The Robert Bosch Stiftung

Zukunft Schule 1
Photo: Max Lautenschläger 
The Anne-Frank-Realschule in Munich is winner of the 2014 German School Award and was honored by Federal Foreign Minister Frank-Walter Steinmeier.

The Future of Schools

Through its activities related to schools, over the last thirty years the Robert Bosch Stiftung has established itself as an educational foundation in Germany. For example, the Foundation honors schools with the German School Award, today’s most well-known and challenging award for schools – an achievement that has won recognition in and beyond professional circles.

Leaving no child behind

The Foundation’s main goal in this field is ensuring that young people have fair starting conditions and receive personalized support, regardless of their background or social status. In this context, the Foundation is focused on students’ entire academic career, from early childhood education to elementary and secondary school, vocational training, and university. 

The Foundation achieved its first major success within the educational system back in the early 1980s. At the time, school projects such as after-school computer groups or story workshops were few and far between. Which is why the Foundation launched the Praktisches Lernen (practical learning) program, supporting around 400 projects which allowed children to learn in ways different from conveying abstract concepts in a classroom. Another of the Foundation’s areas of focus in the 1990s was the Healthy School program. By having breakfast together and participating in athletic activities offered during recess, children were introduced to a healthy lifestyle while still at school. The special aspect of this project was that the supported schools for the first time shared their experiences with partner schools and together formed a network of schools. This approach proved of value and today is the basis for numerous educational projects carried out by the Foundation.

Giving schools role models

When the shock of the PISA study ignited the social discussion regarding Germany’s educational landscape, the Robert Bosch Stiftung resolved to increase the profile of outstanding schools in Germany. Together with the Heidehof Stiftung, the Robert Bosch Stiftung has honored the best of them since 2006 with the German School Award. For this purpose, in 2005 the Foundation brought together an expert group of academics and school administrators who, based on a comprehensive understanding of education, together identified six areas which determine the quality of a school: academic achievement, dealing with diversity, quality of classroom instruction, responsibility, school life, and school as a learning institution. These criteria became the basis for evaluating schools when awarding the German School Award and in recent years have established themselves as characteristics of a good school. Since the launch of the German School Award, over 1,000 schools have participated in the competition. The award’s media partners are stern magazine and ARD public broadcasting. The first award ceremony led to wide-scale public attention when out of all the schools participating, an inner-city elementary school was selected as Germany’s best school. Former German president Horst Köhler presented the grand prize to the Kleine Kielstraße elementary school, and was so impressed with its work, that he paid the school a visit himself soon after. Educational researchers, school administrators, and politicians often pay visits to the schools that have won the award to see for themselves exactly what makes these schools stand out.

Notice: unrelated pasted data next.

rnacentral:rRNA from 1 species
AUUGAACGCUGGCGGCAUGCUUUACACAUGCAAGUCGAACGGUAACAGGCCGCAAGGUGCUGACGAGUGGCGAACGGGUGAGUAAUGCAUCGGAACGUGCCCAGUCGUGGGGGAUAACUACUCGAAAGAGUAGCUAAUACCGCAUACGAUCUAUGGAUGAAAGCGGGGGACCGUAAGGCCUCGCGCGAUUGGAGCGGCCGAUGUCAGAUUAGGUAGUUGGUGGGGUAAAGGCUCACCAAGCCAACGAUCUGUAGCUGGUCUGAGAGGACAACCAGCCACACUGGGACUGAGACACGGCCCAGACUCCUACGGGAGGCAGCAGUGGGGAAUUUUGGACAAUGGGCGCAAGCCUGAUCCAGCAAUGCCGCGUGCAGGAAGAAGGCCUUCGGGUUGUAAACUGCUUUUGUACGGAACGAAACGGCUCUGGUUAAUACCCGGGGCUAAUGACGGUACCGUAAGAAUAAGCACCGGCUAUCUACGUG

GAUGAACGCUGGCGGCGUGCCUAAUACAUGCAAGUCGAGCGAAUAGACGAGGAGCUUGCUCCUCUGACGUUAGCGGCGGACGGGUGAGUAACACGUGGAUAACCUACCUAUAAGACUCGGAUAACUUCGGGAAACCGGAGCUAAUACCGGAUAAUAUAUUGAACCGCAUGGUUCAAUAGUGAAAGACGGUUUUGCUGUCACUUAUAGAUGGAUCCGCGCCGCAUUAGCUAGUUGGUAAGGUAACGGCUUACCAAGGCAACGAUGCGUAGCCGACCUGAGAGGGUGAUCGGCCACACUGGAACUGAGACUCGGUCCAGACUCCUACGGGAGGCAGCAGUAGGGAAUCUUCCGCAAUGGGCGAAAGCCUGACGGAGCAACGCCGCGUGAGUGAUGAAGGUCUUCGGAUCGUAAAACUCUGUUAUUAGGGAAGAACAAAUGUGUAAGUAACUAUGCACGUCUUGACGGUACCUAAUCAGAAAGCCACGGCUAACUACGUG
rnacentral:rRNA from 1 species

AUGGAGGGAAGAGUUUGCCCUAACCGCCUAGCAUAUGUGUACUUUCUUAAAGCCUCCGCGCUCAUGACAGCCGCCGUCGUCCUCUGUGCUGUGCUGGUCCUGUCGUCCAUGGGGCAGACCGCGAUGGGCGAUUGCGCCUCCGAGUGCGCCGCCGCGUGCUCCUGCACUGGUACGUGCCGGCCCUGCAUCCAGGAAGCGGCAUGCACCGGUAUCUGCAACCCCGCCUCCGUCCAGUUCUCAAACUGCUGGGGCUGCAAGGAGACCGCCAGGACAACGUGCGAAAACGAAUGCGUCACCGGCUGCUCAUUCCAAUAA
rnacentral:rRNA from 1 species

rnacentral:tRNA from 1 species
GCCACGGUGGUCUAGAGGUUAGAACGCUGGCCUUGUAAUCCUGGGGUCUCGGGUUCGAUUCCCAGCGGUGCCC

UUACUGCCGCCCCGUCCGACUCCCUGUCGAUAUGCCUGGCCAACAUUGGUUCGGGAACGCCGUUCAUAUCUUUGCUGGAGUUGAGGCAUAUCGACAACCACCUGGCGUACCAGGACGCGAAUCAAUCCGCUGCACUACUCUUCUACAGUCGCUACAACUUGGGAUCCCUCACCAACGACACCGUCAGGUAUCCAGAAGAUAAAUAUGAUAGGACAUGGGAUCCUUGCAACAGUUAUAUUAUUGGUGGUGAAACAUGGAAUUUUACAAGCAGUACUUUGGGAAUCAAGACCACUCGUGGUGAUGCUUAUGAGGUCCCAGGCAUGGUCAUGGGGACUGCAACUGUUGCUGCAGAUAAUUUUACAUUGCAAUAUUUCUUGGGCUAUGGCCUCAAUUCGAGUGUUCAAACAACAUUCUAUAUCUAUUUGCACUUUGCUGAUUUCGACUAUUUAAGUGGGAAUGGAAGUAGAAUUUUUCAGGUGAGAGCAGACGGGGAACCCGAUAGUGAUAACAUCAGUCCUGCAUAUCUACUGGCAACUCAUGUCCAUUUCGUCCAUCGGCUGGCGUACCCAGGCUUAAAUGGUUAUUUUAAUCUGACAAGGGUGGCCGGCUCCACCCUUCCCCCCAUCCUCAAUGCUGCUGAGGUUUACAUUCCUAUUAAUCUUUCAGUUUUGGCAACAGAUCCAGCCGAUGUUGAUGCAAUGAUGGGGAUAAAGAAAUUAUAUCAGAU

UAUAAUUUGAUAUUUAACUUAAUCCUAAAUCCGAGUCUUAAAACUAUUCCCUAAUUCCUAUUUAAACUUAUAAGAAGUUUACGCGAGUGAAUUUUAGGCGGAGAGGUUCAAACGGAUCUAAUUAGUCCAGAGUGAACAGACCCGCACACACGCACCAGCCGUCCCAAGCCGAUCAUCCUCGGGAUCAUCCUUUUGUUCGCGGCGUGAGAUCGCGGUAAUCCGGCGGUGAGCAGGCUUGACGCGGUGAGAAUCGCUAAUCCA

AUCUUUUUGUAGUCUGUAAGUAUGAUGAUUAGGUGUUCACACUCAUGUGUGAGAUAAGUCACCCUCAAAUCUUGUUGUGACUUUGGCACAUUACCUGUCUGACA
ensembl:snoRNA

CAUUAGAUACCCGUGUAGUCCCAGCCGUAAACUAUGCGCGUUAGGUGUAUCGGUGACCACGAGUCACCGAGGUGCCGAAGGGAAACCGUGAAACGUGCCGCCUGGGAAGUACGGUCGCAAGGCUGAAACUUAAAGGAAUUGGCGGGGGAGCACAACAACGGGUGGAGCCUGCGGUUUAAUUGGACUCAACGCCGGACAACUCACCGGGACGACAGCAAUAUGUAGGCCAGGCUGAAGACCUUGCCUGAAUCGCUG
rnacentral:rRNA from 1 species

Learning from one another

The award winners of the past eight years prove that innovation in education in Germany comes directly from the real world – in fact, right from the schools themselves. This is why the Robert Bosch Stiftung also brings the winners together in the German School Award Academy, and connects them with other schools that have a desire to improve. More than 1,200 school representatives attended the events offered by the academy and the German School Award’s four regional teams last year alone. The academy has developed further support activities for the representatives, and the success speaks for itself: formats like the visitation program, the educational workshop, and the school laboratory have initiated school development processes at many schools, and are considered models for the successful transfer of good school practices.

A model that shines 

The German School Award and its quality criteria now serve as a model in many different aspects. Together with stern magazine, a guidebook for parents was published, and additional school awards have been established in the German state of Saarland, the Netherlands, and Switzerland. The Foundation incorporates the wealth of experience gained from collaborating with award-winning schools into many other projects. For example, the Foundation supports student teachers with its Studienkolleg and got school management teams ready for leadership and school development activities in its past pilot project Schulmanagement in Bildungsregionen (school management in education districts). In the School Turnaround project, the Foundation currently supports ten inner-city schools in high-need neighbourhoods in Berlin in cooperation with Berlin’s Senate Department for Education. In 2014 the Foundation opened the UWC Robert Bosch College in Freiburg, where 200 talented students from around the world live and learn together.



Projects in the field of education

The Future of Schools is a focus area of the Foundation
in the field of education.